Virgil’s influence on Dante’s Inferno

Essay add: 30-09-2015, 14:24   /   Views: 1 308
Virgil’s influence on Dante’s Inferno

An excellent poet in his own right Dante greatly admired the success and personal character of Virgil. Virgil is an interesting character greatly influences Dante as a poet and as the main character in the Inferno. In the Inferno, Dante turned the poet Virgil into the guiding character that was to be responsible for teaching and leading him along his pilgrimage through hell. Throughout the Inferno there are specific situations that demonstrates Virgil’s influence among Dante, as a poet and, as the main character. There are also other specific situations that demonstrate Virgil’s ignorance of Catholicism, which relates to his placement in hell.

Virgil not only aids Dante as the guiding character in the Inferno, but also aids Dante in his writing of the Inferno as a poet. Dante calls Virgil his "master and author (Canto I)," which emphasizes how important Virgil has been for Dante as a poet and a philosopher. “Dante borrowed as well from Virgil the poet much of his language, style, and content.” Because Virgil is made out to be an atheist, Dante being Christian could not copy Virgil’s exact outline but instead created a hell distinct from, yet still reminiscent of Virgil’s Underworld of Book VI. Dante’s interpretation resembled a more Catholic understanding of what hell should be like and modernizes Virgil’s perspective into what sort of people and crimes are deserving of hell’s occupancy.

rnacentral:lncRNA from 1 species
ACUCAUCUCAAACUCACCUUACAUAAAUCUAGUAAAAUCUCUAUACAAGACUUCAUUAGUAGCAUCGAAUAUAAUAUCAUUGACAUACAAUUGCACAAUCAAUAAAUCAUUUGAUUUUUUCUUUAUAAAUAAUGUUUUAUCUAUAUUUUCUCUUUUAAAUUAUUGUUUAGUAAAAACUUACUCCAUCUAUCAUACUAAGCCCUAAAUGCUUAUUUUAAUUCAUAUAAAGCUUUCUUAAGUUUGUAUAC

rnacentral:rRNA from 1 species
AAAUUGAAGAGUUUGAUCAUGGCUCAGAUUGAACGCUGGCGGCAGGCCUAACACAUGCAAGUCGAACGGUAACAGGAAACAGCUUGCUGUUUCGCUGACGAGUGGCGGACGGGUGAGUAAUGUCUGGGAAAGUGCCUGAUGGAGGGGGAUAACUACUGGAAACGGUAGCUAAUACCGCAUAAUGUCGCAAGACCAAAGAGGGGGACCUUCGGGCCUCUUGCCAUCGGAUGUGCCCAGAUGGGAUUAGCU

Dante’s positioning of Virgil in hell’s hierarchy is important as a character and mentor of Dante’s. According to Christian doctrine no one outside the Church without the first Sacrament, baptism, can be saved. Dante going along the Catholic doctrine chooses to put Virgil among the souls suspended in Limbo. Souls are assigned to Limbo because they were virtuous individuals who had no knowledge of Jesus and His teachings, because they preceded Him in time, or after His coming died un-baptized. Although physical torment is absent, the shades, along with Virgil, suffer mental distress. This distress is due from being aware that there is a living God and they are forced to have to “live in desire” without any hope of joining Him in heaven. As comfortable as Virgil seems to be with his eternal fate he will start to show signs of remorse in the further Cantos.

Thus far in the Inferno Dante has put complete and absolute trust in Virgil’s ability as a guide and teacher. Dante does not yet question Virgil’s judgment until Canto XXI when Malacoda offers to send ten devils to escort Virgil and Dante to the sixth bolgia. Dante, fearing the devils, begs Virgil to refuse the escort and to let them continue alone. Virgil, despite Dante’s pleas, accepts the offer made by Malacoda with much gratitude on they continue on their way.